If you are using a trunk snapshot, revision 46809 or newer, ssh to 192.168.1.1 from the computer and log in as root (no password required). The host key will be randomly generated. You can pass
-o "UserKnownHostsFile /dev/null" -o "StrictHostKeyChecking no" to ssh if you want to allow a different host key temporarily.
If you are using a release image, telnet (not SSH) to 192.168.1.1 from the computer. There is no username or password required.
Now go to section When you are in failsafe mode
You get a message similar or same like this (using OpenWrt 12.09):
=== IMPORTANT ============================ Use 'passwd' to set your login password this will disable telnet and enable SSH ------------------------------------------ BusyBox v1.19.4 (2013-03-14 11:28:31 UTC) built-in shell (ash) Enter 'help' for a list of built-in commands. _______ ________ __ | |.-----.-----.-----.| | | |.----.| |_ | - || _ | -__| || | | || _|| _| |_______|| __|_____|__|__||________||__| |____| |__| W I R E L E S S F R E E D O M ----------------------------------------------------- ATTITUDE ADJUSTMENT (12.09, r36088) ----------------------------------------------------- * 1/4 oz Vodka Pour all ingredients into mixing * 1/4 oz Gin tin with ice, strain into glass. * 1/4 oz Amaretto * 1/4 oz Triple sec * 1/4 oz Peach schnapps * 1/4 oz Sour mix * 1 splash Cranberry juice ----------------------------------------------------- root@(none):/#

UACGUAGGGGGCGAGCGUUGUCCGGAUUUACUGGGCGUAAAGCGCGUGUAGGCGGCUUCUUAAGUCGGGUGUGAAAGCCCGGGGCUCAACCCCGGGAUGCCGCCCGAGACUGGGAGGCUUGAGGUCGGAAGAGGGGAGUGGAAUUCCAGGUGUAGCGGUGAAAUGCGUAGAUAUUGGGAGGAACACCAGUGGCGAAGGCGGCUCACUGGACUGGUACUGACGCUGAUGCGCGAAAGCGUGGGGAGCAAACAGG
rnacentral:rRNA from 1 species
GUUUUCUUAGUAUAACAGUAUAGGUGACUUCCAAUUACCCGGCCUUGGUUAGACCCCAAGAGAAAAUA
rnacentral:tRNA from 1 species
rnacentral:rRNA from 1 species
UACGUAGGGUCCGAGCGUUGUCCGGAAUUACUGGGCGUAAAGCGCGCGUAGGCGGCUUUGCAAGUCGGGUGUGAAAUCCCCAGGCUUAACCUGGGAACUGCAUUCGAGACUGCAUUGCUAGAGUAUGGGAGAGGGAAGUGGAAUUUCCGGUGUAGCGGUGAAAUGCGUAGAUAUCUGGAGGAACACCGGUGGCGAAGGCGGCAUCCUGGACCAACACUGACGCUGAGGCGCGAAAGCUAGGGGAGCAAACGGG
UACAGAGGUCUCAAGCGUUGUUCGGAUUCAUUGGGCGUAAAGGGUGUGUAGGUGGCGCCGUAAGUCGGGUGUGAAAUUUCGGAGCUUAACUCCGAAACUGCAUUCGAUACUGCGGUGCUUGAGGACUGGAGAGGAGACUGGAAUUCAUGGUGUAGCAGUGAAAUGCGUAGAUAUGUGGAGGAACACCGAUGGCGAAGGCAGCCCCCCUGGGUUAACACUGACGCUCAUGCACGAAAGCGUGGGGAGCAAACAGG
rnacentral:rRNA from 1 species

Additional note (r42985):
================= FAILSAFE MODE active ================ special commands: firstboot reset settings to factory defaults mount_root mount root-partition with config files after mount_root: passwd change root's password /etc/config directory with config files for more help see: http://wiki.openwrt.org/doc/howto/generic.failsafe =======================================================